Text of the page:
The Curious Case of Aphantasia in the Writing Community
Aphantasia is a condition where an individual cannot visualise images in their minds eye. It was first described in 1880, but it’s only since 2015 that we’ve had a name for it, coined by Professor Zeman at the University of Exeter. Now I’ve successfully summarised the first paragraph of the Wikipedia page on aphantasia, let’s take a trip down the rabbit hole together.
In October of last year, I was hopping around the wonderful world of Youtube when I encountered a video by AmyRightMeow named, “I have APHANTASIA (and you may too…without realising it!)”. AmyRightMeow is a Welsh artist, known for her animation/animatic work on Youtube, Instagram and most other social networking platforms. The video describes how she recently realised that she has aphantasia and that in order to draw she relies heavily on reference pictures to build up landscapes, living rooms and even people.
I became somewhat obsessed with this idea. And I know, an alternate way of thinking seems like a terrible thing to be obsessed with, but it amazed me that someone with such a different mind could still be so creative. In the back of my head, I kept thinking about it and kept thinking about it, until finally I turned to the good people of the writing community on Twitter. I posed a simple question, “how many of you picture scenes in your head while writing, and how many of you don’t picture anything?” and I got a pretty amazing response.
Of the 186 people who voted in the poll, 90% visualised while writing, but 10% did not, a much higher number that the 2% predicted to have aphantasia in the world’s population. Of course, it may be that people with aphantasia were busy searching Twitter for folks talking about the condition when I posted the poll, which would inevitably skew the results. However, I found a surprising number of folks I already followed and chatted with believed they had it too.
The discussions I had with people who have aphantasia were immensely interesting. For instance, you’ll notice that I’m not using terms like “suffer from” or “afflicted with” when I talk about aphantasia, and that’s because the vast majority of the folks I spoke to with this condition didn’t convey that kind of sentiment to me at all. The way they think about the world is different, not difficult. The “aphants” I spoke to found it just as strange to imagine being able to picture things, as I do trying to figure out what it’s like not to be able to do it.
I spent two days chatting about this on Twitter, and with my irl friends via Facebook and by the end of it, three really interesting points came out of my discussions:
- One of my followers (sorry, I’ve forgotten who and I can’t find the tweet!) suggested that folks with aphantasia may be attracted to writing as a form of creativity, as they can describe things through fact stories, i.e. they know how to describe an apple, but they store it as a list of facts rather than visualising it. Writing is a way of being creative, that doesn’t require the ability to visualise, which might explain that 10% I found through my poll.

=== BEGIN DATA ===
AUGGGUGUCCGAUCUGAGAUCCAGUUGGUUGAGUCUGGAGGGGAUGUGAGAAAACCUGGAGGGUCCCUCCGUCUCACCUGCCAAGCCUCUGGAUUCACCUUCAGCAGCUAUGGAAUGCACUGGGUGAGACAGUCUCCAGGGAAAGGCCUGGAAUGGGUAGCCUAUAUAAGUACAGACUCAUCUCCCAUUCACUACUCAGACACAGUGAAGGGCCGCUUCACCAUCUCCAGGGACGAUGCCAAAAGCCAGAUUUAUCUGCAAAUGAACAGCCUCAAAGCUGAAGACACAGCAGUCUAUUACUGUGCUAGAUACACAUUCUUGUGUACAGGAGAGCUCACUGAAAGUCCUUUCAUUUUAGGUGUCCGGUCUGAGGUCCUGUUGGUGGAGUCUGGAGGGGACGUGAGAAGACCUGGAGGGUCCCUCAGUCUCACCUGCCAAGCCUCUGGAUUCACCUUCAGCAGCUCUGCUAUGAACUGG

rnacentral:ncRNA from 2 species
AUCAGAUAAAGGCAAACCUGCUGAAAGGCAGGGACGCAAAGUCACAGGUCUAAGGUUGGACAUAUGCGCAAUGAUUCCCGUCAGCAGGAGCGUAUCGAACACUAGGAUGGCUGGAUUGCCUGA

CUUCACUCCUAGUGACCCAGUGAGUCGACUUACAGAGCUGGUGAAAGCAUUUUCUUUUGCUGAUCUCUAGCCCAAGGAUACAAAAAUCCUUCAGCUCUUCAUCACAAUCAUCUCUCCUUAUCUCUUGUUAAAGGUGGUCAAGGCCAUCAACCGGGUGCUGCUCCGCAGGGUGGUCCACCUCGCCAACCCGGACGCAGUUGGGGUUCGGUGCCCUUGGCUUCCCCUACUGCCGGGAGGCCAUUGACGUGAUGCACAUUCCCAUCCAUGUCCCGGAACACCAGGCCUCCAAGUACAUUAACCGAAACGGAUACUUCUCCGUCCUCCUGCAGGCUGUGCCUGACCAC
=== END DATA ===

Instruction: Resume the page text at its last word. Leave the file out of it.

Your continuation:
- While the original research on aphantasia focused on the ability to visualise, the term can also be used to talk about a limited ability to imagine any of the senses. When I posed this to my friends from university, they found it fascinating that I can fully imagine all five of the “basic” senses, while they had varying levels of ability for each. This probably goes someway to explaining how absorbed I get when writing 😉
- Some people also don’t think in words. This stumped me, and honestly, I’m still struggling to wrap my head around it (probably because I think using ALL THE WORDS). Essentially (and this may be a bit wrong, so apologies), some people think in concepts, rather than words or images. I think the easiest way I can exemplify this is with the idea of love. We have plenty of words to describe love, and we feel it, but we also have a concept of it sitting in our brain. When we see it in the real world, we recognise it and think about it, even if we don’t pay it much attention. We might not internally say “they’re in love”, but we might make a series of connections that lead to something else. Like we might look at a couple holding hands and suddenly find ourselves texting our own partner. There’s been a series of thoughts to make that connection, but we don’t necessarily know what they were, because we don’t pay enough attention to when we’re thinking without words. This is an article Alice Cann shared with me if you interesting in diving even further down this rabbit hole.
Basically, the curious case of aphantasia in the writing community has taught me that human perception and consciousness are utterly baffling, completely ridiculous, and I love everything about them. I may also have gotten a third PhD idea from this…possibly, definitely.
So, how do you think? Do you see pictures? Can you imagine touch, taste, smell and sound? Or do you have aphantasia? How do you think it affects the way you interact with the world?
Honestly, I have so many questions about this, I could go on and on. However, for now, I shall love you and leave you. Folks who have aphantasia or who don’t think in words, please feel free to correct me if you spot anything I’ve got wrong!
Otherwise, I hope you’ve enjoyed this somewhat bizarre blog post and enjoy the rest of your weekend!